Five U of T researchers recognized with Sloan Research Fellowships
Five University of Toronto researchers – two from the Faculty of Arts & Science, one from the Faculty of Applied Science & Engineering and one each from U of T Mississauga and U of T Scarborough – have been awarded prestigious Sloan Research Fellowships for 2022.
The fellowships, awarded annually by the Alfred P. Sloan Foundation since 1955, honour the extraordinary early career researchers in Canada and the United States “whose creativity, innovation and research accomplishments make them stand out as the next generation of scientific leaders.”
U of T was among a handful of North American schools to receive five or more fellowships this year, tying with Stanford University, University of Chicago and Columbia University – and just behind University of California, Los Angeles, Massachusetts Institute of Technology and Northwestern University. The other Canadian school to receive a fellowship was the University of Alberta.
The five U of T researchers to be awarded Sloan Research Fellowships, which each provide US$75,000 over two years to advance fundamental research, are:
- Assistant Professor David Duvenaud, department of computer science with a cross-appointment to the department of statistical sciences, Faculty of Arts & Science
- Assistant Professor Michael Groechenig, department of mathematical and computational sciences, U of T Mississauga
- Assistant Professor Alec Jacobson, department of computer science with a cross-appointment to the department of mathematics, Faculty of Arts & Science
- Assistant Professor Alexander Kupers, department of computer and mathematical sciences, U of T Scarborough
- Assistant Professor Nicolas Papernot, Edward S. Rogers Sr. department of electrical and computer engineering, Faculty of Applied Science & Engineering
Professor Marsha Chechik, chair of the department of computer science in the Faculty of Arts & Science, congratulated Duvenaud and Jacobson on their awards.
“Through his deeply insightful research in machine learning, David has demonstrated the power of radically disruptive ideas,” Chechik said. “Alec has made outstanding contributions to the area of geometry processing, and it has been exciting to witness the impact of his prolific research across a range of fields.”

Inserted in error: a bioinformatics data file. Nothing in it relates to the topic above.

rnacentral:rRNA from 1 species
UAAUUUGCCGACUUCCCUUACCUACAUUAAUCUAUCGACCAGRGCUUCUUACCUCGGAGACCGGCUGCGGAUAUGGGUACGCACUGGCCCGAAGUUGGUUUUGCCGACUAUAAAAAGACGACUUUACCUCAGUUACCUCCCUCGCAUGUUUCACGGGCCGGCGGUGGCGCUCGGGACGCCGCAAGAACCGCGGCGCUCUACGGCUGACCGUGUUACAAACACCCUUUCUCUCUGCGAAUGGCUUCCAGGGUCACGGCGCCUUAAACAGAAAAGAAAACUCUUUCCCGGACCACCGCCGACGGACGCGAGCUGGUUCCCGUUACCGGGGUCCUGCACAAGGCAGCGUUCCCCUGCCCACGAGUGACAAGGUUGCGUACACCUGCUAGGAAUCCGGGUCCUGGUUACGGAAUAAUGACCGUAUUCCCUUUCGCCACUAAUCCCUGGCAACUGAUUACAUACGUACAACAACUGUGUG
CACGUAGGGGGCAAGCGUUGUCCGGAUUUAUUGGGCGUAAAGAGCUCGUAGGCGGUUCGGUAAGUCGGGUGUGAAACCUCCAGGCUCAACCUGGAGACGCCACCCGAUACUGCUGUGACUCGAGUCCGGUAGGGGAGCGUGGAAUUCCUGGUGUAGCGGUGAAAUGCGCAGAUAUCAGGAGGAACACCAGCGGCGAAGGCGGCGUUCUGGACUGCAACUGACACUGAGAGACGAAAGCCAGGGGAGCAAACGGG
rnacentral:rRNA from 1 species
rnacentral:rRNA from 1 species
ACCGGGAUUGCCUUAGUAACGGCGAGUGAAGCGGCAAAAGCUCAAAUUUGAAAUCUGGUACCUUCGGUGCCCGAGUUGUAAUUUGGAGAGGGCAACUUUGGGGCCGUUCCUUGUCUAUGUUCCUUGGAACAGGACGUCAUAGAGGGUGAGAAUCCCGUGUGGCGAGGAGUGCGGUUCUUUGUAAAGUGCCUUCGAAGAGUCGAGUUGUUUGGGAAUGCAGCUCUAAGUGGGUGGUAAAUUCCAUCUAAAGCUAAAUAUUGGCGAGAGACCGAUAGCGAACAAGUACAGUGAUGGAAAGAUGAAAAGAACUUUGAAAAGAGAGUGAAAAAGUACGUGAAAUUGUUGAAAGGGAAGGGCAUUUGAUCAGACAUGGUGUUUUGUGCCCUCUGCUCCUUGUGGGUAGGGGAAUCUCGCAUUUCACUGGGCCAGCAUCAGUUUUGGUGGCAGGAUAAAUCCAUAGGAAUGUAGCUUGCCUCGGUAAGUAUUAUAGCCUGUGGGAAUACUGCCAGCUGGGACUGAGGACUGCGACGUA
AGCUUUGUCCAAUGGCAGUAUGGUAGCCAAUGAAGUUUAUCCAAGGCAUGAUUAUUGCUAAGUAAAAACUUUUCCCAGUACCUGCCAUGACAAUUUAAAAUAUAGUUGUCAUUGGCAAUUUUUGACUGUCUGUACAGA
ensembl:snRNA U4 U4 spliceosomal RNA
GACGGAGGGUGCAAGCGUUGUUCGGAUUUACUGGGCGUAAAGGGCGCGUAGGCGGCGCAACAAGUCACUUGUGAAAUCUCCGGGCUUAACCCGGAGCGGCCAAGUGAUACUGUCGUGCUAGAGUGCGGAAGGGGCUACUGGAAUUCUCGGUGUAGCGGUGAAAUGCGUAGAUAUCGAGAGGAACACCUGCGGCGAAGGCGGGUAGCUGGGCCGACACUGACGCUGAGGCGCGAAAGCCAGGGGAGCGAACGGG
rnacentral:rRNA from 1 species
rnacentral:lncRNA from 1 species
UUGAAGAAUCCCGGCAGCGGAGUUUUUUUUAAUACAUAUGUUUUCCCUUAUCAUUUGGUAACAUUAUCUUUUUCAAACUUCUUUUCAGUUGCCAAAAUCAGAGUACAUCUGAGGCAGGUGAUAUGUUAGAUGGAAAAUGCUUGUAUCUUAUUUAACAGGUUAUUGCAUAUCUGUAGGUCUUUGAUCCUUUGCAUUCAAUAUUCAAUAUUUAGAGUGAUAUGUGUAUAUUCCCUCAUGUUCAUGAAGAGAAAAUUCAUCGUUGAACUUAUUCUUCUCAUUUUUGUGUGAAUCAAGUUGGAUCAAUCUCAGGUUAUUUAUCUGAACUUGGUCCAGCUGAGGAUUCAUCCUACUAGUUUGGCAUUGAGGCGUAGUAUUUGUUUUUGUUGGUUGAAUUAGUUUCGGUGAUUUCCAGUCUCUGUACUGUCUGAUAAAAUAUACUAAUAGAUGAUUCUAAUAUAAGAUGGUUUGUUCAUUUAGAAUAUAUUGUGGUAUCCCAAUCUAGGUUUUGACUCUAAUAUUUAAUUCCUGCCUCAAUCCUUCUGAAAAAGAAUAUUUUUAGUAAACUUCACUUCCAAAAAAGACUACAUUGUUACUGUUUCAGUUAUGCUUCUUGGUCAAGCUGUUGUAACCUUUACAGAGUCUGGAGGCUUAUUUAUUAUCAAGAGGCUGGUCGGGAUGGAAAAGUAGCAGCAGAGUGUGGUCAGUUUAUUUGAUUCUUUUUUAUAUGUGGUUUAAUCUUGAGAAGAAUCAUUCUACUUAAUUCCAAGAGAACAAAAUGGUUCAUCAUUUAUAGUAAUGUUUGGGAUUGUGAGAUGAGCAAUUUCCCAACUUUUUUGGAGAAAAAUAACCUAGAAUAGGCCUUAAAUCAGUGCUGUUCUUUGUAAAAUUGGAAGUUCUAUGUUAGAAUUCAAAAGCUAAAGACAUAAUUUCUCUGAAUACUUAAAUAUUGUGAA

Professor Deepa Kundur, chair of the Edward S. Rogers Sr. department of electrical and computer engineering in the Faculty of Applied Science & Engineering, similarly offered her congratulations to Papernot for his award.
“Professor Papernot exemplifies the ECE mindset with forward-looking research and a willingness to learn about and incorporate other fields for impactful solutions,” Kundur said. “The Sloan Foundation has made an excellent choice for its early-career fellowship.”
At U of T Scarborough, Professor Irena Creed, vice-principal, research and innovation, lauded the work of Kupers.
“Congratulations to Professor Kupers on this tremendous – and much deserved – honour,” Creed said. “This fellowship recognizes researchers who are in the early stages of their careers and show great promise in making significant contributions to their fields. We look forward to seeing where his research will lead in the future.”
Professor Leah Cowen, U of T’s vice-president, research and innovation, and strategic initiatives, called each Sloan Research Fellow a rising star.
“From breakthroughs in computational chemistry to developing trustworthy artificial intelligence, they are pushing beyond the frontiers of what we know today to be possible,” Cowen said.
“U of T continues to be a leader in research with these prestigious fellowships – we received more fellowships than any other Canadian institution this year, and over the past decade, our remarkable researchers have accounted for half of Canada’s Sloan Fellows.
“We are immensely proud to see this latest group flourish in their fields.”